Chris Scott Wilson Writer
A two-pronged attack on the French was planned, explained Lord Ligonier, one via Lake George and the other up the St Lawrence against Quebec. The mere fact Ligonier was telling him alerted Wolfe he was in a good position to forward his case. He showed no hesitation in doing so, offering to lead the Quebec attack. He then retired to Bath for a week before being recalled to the capital where he discovered in his absence the prime minister, William Pitt, (probably under Ligonier’s advice) had recommended him to King George II. Wolfe should not have been surprised. He had taken no chances after the Ligonier meeting, writing to Pitt personally to offer his services if operations continued on the St Lawrence. Confirmation came just after Christmas when a commission dated 12th January 1759 named him major-general and C-in-C of the Quebec expedition, under the overall command of Amherst who had been appointed Commander-in-Chief in America.
When Wolfe had returned to England, Cook sailed Pembroke into Halifax where she had earlier completed her crew after the scurvy episode. Winter in the St Lawrence lasts a long time, some five months, the seaway choked with ice. But the French had not abandoned their colonies. The British naval blockade was not 100% effective. The French managed to ferry much needed supplies into the St Lawrence using fast navires de flute. These vessels were of Dutch origin, developed in the 16th century to be super-efficient when used as traders. Against vessels of a comparative size, flutes could be handled by a much smaller crew but carry twice the cargo. Their design made them cheaper to build but the light construction rendered them unsuitable for mounting guns. This was immaterial as speed and silence were the top priorities.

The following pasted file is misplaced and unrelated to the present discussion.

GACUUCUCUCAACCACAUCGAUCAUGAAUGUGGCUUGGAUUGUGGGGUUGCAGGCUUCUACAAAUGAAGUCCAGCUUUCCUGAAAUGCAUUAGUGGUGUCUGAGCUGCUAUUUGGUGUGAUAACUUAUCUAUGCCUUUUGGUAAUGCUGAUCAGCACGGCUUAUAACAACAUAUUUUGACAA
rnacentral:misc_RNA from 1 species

But if the French succeeded in slipping by some 20 flutes packed to the gunnels with supplies, it was only prolonging the inevitable. The British had determined they would take Quebec, and Pitt was ready to give Wolfe ten battalions (12,000 men) of infantry, but all were under strength which actually made the figure more like 8,500 troops. It amounted to a considerable force when combined with the support of His Britannic Majesty’s Navy under Vice-Admiral Charles Saunders who commanded 22 ships-of-the-line, each mounting 50 guns, plus another 27 smaller naval vessels and some 100
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